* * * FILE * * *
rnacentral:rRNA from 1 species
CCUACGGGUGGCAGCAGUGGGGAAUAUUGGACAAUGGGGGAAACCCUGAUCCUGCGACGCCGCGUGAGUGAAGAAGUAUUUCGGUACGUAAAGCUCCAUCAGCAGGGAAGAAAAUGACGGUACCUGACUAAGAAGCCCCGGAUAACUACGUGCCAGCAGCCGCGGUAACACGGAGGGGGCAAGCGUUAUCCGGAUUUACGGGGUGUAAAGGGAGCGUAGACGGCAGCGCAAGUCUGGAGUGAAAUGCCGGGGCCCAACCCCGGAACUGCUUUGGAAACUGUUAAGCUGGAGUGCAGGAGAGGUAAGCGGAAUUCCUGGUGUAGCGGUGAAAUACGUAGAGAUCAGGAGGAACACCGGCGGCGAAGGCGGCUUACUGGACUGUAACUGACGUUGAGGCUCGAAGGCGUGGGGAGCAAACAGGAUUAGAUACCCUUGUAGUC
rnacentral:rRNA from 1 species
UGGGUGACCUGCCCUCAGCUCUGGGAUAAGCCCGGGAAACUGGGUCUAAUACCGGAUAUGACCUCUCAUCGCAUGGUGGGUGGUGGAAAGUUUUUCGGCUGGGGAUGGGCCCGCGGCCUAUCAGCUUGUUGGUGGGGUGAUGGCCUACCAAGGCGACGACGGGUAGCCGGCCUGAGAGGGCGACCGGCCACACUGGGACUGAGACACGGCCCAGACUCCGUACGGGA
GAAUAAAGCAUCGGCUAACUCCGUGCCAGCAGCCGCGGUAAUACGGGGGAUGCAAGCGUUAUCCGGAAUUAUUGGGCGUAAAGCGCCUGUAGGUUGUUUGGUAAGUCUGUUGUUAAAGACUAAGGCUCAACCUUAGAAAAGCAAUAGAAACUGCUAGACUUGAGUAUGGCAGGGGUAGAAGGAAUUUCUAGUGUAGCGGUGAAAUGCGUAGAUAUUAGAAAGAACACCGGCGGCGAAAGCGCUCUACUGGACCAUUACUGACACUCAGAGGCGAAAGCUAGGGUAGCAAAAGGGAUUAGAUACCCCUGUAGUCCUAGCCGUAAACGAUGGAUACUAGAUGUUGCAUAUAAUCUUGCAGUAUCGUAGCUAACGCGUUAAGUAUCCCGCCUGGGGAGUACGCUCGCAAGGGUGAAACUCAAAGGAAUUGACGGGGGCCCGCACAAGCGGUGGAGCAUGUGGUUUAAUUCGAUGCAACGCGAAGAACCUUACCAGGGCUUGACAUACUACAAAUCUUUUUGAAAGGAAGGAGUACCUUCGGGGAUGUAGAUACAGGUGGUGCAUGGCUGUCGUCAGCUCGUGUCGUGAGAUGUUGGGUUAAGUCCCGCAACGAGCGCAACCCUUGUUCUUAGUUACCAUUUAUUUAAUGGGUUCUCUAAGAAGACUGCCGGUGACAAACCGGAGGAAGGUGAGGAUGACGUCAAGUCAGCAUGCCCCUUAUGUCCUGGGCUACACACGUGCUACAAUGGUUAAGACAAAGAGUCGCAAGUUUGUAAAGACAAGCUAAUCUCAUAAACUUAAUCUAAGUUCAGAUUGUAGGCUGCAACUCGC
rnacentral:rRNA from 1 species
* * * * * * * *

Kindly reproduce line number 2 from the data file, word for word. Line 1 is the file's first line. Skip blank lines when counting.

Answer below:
CCUACGGGUGGCAGCAGUGGGGAAUAUUGGACAAUGGGGGAAACCCUGAUCCUGCGACGCCGCGUGAGUGAAGAAGUAUUUCGGUACGUAAAGCUCCAUCAGCAGGGAAGAAAAUGACGGUACCUGACUAAGAAGCCCCGGAUAACUACGUGCCAGCAGCCGCGGUAACACGGAGGGGGCAAGCGUUAUCCGGAUUUACGGGGUGUAAAGGGAGCGUAGACGGCAGCGCAAGUCUGGAGUGAAAUGCCGGGGCCCAACCCCGGAACUGCUUUGGAAACUGUUAAGCUGGAGUGCAGGAGAGGUAAGCGGAAUUCCUGGUGUAGCGGUGAAAUACGUAGAGAUCAGGAGGAACACCGGCGGCGAAGGCGGCUUACUGGACUGUAACUGACGUUGAGGCUCGAAGGCGUGGGGAGCAAACAGGAUUAGAUACCCUUGUAGUC